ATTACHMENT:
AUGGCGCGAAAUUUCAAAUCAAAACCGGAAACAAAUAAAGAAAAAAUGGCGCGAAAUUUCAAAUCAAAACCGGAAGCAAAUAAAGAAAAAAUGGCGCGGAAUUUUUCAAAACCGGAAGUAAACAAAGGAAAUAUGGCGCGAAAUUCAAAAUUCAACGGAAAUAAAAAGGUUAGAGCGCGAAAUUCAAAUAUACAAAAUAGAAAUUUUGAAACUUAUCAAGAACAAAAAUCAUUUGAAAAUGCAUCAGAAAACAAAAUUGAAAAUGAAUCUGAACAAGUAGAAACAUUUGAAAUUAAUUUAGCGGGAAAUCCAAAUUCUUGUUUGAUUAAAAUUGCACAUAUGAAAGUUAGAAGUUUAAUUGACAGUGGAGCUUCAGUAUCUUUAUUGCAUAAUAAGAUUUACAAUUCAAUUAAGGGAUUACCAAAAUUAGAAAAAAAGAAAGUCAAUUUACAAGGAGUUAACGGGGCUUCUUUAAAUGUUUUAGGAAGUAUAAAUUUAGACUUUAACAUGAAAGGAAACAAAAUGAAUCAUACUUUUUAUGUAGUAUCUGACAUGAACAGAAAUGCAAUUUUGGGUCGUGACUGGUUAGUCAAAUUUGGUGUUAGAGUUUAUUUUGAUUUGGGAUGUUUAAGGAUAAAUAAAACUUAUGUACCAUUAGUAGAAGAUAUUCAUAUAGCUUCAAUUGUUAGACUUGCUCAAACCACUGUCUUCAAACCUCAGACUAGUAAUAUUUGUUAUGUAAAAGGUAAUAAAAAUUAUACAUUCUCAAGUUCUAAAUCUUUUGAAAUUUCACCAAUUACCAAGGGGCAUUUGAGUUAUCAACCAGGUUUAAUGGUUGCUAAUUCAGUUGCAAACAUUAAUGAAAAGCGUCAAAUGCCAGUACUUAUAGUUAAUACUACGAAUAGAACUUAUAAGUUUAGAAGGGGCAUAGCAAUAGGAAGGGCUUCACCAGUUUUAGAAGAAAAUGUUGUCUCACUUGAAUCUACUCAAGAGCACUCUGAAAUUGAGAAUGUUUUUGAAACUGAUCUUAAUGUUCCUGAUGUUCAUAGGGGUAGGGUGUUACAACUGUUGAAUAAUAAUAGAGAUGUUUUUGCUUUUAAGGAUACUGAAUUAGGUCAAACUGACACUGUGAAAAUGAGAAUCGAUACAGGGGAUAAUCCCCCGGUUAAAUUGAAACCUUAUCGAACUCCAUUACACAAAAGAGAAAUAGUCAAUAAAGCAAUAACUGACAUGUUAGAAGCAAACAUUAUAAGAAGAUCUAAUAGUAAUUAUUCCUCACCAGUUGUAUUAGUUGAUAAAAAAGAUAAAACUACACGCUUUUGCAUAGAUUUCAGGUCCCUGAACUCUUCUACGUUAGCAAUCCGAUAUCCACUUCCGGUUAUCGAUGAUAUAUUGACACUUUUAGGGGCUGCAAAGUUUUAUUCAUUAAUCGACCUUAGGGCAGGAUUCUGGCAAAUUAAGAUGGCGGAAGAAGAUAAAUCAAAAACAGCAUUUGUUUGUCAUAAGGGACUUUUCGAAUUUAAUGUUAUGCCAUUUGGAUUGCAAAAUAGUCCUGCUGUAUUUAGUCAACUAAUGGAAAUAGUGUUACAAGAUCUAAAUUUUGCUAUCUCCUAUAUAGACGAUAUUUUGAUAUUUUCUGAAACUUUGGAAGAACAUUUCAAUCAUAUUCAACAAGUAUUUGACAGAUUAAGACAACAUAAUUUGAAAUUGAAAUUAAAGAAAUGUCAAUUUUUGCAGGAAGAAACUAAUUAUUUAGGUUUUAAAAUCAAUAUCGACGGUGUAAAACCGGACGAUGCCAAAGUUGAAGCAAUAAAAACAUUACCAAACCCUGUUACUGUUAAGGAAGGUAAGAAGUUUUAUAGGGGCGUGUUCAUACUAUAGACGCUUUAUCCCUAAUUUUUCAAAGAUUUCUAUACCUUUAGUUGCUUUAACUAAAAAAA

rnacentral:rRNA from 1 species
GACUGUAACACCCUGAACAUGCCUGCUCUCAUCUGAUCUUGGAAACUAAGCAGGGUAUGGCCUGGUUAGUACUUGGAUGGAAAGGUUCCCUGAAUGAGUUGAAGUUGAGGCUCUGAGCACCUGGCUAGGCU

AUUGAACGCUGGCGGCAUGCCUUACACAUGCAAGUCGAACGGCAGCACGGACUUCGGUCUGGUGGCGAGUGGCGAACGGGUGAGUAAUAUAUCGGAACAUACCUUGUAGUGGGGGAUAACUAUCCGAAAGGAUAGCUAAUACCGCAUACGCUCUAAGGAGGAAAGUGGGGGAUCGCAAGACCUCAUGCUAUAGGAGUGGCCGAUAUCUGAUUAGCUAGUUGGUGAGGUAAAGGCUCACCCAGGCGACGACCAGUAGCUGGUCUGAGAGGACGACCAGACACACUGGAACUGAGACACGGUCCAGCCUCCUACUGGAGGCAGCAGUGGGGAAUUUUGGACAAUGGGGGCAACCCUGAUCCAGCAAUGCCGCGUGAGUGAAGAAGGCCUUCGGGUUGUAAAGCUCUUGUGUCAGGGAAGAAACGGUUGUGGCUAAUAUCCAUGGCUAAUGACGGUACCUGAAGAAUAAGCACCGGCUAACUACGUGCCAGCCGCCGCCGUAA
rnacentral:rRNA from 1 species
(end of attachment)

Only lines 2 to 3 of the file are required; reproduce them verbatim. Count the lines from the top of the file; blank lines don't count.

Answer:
rnacentral:rRNA from 1 species
GACUGUAACACCCUGAACAUGCCUGCUCUCAUCUGAUCUUGGAAACUAAGCAGGGUAUGGCCUGGUUAGUACUUGGAUGGAAAGGUUCCCUGAAUGAGUUGAAGUUGAGGCUCUGAGCACCUGGCUAGGCU